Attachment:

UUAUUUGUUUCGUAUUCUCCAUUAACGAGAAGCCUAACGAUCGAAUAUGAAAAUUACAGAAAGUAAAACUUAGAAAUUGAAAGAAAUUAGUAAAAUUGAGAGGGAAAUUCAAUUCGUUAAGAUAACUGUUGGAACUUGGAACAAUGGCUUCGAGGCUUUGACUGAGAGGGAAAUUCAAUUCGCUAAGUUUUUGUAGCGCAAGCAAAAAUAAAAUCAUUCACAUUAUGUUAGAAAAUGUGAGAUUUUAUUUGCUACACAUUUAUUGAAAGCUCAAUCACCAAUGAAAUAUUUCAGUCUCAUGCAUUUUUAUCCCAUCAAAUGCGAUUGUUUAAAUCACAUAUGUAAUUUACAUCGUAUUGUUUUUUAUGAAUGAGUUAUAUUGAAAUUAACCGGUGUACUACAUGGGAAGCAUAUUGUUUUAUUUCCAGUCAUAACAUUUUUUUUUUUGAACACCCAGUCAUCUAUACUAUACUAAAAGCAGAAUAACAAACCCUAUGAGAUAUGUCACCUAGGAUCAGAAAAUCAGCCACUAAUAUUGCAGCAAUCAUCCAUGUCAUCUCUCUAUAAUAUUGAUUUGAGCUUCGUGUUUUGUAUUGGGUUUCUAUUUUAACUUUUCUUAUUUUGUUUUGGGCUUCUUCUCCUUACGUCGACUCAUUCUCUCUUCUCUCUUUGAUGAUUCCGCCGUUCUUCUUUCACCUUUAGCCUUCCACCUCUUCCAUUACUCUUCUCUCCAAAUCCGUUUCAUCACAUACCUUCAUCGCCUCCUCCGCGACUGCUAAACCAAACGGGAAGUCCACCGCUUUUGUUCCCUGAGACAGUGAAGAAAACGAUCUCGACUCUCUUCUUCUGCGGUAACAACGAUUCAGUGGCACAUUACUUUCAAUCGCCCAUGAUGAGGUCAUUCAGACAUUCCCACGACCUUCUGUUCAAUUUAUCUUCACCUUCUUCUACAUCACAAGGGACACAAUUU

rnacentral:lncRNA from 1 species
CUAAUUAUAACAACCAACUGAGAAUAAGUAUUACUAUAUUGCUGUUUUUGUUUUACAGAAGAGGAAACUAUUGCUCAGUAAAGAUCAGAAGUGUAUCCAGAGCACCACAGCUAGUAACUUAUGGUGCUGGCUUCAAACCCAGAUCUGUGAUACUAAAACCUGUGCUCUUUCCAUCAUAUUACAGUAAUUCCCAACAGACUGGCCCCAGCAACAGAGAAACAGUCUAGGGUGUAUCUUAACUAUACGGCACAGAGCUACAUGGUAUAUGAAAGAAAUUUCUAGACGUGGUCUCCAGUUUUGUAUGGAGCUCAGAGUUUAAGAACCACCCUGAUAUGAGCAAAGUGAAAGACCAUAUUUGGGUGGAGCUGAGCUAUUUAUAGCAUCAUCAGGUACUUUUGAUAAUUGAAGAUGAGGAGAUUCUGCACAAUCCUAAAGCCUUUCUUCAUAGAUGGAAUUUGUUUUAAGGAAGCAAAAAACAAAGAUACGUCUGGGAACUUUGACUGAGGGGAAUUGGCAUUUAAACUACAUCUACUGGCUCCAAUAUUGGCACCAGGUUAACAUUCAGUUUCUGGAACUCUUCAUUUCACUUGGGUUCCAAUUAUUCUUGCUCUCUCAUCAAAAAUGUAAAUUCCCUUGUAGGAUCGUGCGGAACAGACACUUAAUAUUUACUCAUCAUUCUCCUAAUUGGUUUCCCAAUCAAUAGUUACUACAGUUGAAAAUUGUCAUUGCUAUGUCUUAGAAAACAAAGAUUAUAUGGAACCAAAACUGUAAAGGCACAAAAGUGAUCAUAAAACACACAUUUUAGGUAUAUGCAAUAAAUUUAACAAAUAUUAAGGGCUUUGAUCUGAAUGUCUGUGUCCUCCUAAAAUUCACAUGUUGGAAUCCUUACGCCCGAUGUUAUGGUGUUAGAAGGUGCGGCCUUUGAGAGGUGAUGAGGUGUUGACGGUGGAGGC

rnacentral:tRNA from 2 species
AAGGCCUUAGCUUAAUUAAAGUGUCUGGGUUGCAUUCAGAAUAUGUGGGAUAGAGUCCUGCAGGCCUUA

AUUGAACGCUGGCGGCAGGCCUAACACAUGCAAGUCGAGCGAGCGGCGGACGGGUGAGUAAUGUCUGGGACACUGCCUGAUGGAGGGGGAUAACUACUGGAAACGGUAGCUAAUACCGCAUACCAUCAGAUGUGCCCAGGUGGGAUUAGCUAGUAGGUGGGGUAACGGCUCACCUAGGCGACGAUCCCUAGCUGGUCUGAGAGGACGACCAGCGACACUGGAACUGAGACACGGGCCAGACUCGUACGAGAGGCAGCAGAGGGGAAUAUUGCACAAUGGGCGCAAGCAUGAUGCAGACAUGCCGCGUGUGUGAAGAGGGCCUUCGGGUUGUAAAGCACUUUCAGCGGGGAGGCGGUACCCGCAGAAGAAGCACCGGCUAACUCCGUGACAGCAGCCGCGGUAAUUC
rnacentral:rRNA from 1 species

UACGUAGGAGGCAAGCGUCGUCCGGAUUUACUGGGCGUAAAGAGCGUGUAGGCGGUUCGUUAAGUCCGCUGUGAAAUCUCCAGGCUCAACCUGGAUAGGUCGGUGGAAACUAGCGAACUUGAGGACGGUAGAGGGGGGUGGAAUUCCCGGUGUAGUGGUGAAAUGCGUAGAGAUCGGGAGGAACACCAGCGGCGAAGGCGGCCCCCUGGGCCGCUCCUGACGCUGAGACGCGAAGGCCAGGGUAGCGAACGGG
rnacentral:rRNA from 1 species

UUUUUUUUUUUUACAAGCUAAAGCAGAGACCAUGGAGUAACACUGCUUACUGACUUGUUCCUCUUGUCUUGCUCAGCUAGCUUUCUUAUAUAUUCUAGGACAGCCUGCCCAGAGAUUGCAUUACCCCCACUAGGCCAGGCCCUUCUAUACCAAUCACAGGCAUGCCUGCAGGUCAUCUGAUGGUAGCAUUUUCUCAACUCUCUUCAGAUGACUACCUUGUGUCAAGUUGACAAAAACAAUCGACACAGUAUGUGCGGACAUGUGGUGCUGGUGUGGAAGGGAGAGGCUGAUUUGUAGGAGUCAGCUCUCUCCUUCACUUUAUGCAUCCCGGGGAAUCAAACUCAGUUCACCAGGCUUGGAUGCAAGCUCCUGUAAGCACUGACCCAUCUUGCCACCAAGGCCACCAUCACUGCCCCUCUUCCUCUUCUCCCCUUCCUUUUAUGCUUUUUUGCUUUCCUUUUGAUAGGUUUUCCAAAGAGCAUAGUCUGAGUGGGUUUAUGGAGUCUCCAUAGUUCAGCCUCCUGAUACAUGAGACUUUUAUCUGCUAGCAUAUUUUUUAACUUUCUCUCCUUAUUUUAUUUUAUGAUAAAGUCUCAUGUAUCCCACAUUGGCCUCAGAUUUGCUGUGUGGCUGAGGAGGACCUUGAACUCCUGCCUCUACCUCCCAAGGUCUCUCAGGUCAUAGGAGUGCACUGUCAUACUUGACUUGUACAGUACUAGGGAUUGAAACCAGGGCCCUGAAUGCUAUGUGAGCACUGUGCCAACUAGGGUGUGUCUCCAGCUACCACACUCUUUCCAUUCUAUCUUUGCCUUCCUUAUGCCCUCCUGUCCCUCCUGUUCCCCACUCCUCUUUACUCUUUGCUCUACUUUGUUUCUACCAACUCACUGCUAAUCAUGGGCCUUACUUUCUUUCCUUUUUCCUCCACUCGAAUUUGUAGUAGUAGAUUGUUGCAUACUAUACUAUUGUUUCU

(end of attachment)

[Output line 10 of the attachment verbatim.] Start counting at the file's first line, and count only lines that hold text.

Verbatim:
UUUUUUUUUUUUACAAGCUAAAGCAGAGACCAUGGAGUAACACUGCUUACUGACUUGUUCCUCUUGUCUUGCUCAGCUAGCUUUCUUAUAUAUUCUAGGACAGCCUGCCCAGAGAUUGCAUUACCCCCACUAGGCCAGGCCCUUCUAUACCAAUCACAGGCAUGCCUGCAGGUCAUCUGAUGGUAGCAUUUUCUCAACUCUCUUCAGAUGACUACCUUGUGUCAAGUUGACAAAAACAAUCGACACAGUAUGUGCGGACAUGUGGUGCUGGUGUGGAAGGGAGAGGCUGAUUUGUAGGAGUCAGCUCUCUCCUUCACUUUAUGCAUCCCGGGGAAUCAAACUCAGUUCACCAGGCUUGGAUGCAAGCUCCUGUAAGCACUGACCCAUCUUGCCACCAAGGCCACCAUCACUGCCCCUCUUCCUCUUCUCCCCUUCCUUUUAUGCUUUUUUGCUUUCCUUUUGAUAGGUUUUCCAAAGAGCAUAGUCUGAGUGGGUUUAUGGAGUCUCCAUAGUUCAGCCUCCUGAUACAUGAGACUUUUAUCUGCUAGCAUAUUUUUUAACUUUCUCUCCUUAUUUUAUUUUAUGAUAAAGUCUCAUGUAUCCCACAUUGGCCUCAGAUUUGCUGUGUGGCUGAGGAGGACCUUGAACUCCUGCCUCUACCUCCCAAGGUCUCUCAGGUCAUAGGAGUGCACUGUCAUACUUGACUUGUACAGUACUAGGGAUUGAAACCAGGGCCCUGAAUGCUAUGUGAGCACUGUGCCAACUAGGGUGUGUCUCCAGCUACCACACUCUUUCCAUUCUAUCUUUGCCUUCCUUAUGCCCUCCUGUCCCUCCUGUUCCCCACUCCUCUUUACUCUUUGCUCUACUUUGUUUCUACCAACUCACUGCUAAUCAUGGGCCUUACUUUCUUUCCUUUUUCCUCCACUCGAAUUUGUAGUAGUAGAUUGUUGCAUACUAUACUAUUGUUUCU